A new study suggests there has been a drop in the extent to which new medical treatments are shown to be significantly more effective than placebos.
The findings, in a study published in the journal Health Affairs, “suggest that medical breakthroughs that offer large benefits above placebo are becoming less common,” said study co-author Mark Olfson, M.D., M.P.H.
“As a result, now may be a good time to emphasize research that compares established treatments with one another.”
Researchers randomly selected and analyzed 315 placebo-controlled trials that were reported in four leading medical journals between 1966 and 2010.
They found that the average effect size, as measured by the odds ratio (which compares the odds of an outcome resulting from the treatment with the odds of that outcome in absence of the treatment) decreased from a peak of 4.51 (1971–80) to 1.36 (2001–2010).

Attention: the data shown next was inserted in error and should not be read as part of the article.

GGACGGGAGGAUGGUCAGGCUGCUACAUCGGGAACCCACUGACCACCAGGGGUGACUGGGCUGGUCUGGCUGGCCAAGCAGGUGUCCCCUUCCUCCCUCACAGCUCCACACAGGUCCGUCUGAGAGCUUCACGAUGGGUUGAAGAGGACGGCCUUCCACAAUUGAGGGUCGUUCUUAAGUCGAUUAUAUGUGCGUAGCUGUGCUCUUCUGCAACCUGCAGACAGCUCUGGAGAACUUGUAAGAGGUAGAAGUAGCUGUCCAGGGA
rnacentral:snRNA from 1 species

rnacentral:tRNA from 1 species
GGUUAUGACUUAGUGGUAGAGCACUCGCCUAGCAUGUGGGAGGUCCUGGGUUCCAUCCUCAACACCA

While placebo-controlled studies are considered to be the gold standard for establishing treatment efficacy, the dwindling effect size over the roughly 40-year period supports the view that comparative effectiveness research — that compares treatments already known to be effective — may provide greater value.
“With apparently declining yield from placebo-controlled studies, it makes good sense to place greater emphasis on comparing two or more treatments that are known to be effective, to evaluate whether there are meaningful differences in their tolerability, safety, and costs,” Olfson said.
Source: Columbia University